Presented by Boston Playwright’s Theatre
Written by Monica Bauer
Directed by Megan Schy Gleeson
Review by Noelani Kamelamela
(Boston) Boston Playwright’s Theatre deftly handles heavy subject matter to thoroughly explore one family’s patterns in Chosen Child. Cleverly overcoming technical limitations, intertwined histories emerge and recede amidst light and shadow in this production.
In near present day New York, David (Lewis D. Wheeler) struggles to find his sister Donna (Debra Wise) after his mother, Claudia (Lee Mikeska Gardener), dies. Further complications such as his schizophrenia as well as the fractious past of his family get in the way of his goals. He clearly cannot survive without help, either from the state or from a family member. Both he and Donna share similar misgivings about reuniting and were separated for quite some time with little knowledge of each other’s lives. Their collective journeys are both exhausting and uplifting.
The set was suggestive of various spaces, mainly a cavernous space with worn linoleum flooring that would be found in a commuter station or large house. The main set pieces on the stage were irregular boxes with voids and were combined to form larger, prop-holding set pieces, none exactly similar to any other piece. Three large, transparent columns dominated the set and were mainly white, but occasionally colored from within by light.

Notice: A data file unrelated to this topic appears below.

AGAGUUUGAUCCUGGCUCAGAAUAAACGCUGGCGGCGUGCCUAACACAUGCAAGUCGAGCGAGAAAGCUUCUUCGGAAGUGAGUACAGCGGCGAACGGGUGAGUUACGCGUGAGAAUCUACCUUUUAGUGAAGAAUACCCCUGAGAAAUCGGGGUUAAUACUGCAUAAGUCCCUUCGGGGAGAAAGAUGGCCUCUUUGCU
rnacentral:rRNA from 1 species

The audience’s reaction to the set at the top of the show was mainly one of surprise and awe to view a departure from hyper-realistic drama, more abstract than detailed. The imaginative leaps required of the audience were aided by the clear direction. Most actors played at least two or three different actual characters including the same character at different ages. Although costumes remained simple, they were period-appropriate and character or age-appropriate. Scenes jump in and out of both time and geographical area, and though the transitions are quick, they are connected by the common threads of David, Donna or their mother, Claudia.
Occasionally, sad laughter echoed in the theatre, in recognition of humor based on truth and not on puns or witty turns of phrase. The play is warmer and funnier than one would expect, given the source material and also better researched than most. Monica Bauer writes David as a real person, not only defined by his schizophrenia, but also his relationships and his memories of those ties. Mainly, the audience is shown David’s experience inside of his condition, not in spite of his condition with the physical control of actor Lewis D. Wheeler. In contrast, the abilities of other characters such as Donna and Claudia, are portrayed in much the same neutral way, as limitations on different faculties and specific to each.
The 2014-2015 season at Boston Playwright’s Theatre starts with a two-sided odyssey. Next, Boston Playwright’s Theatre will be presenting Michael Hammond’s Uncle Jack, a modern reimagining of Uncle Vanya in February 2015.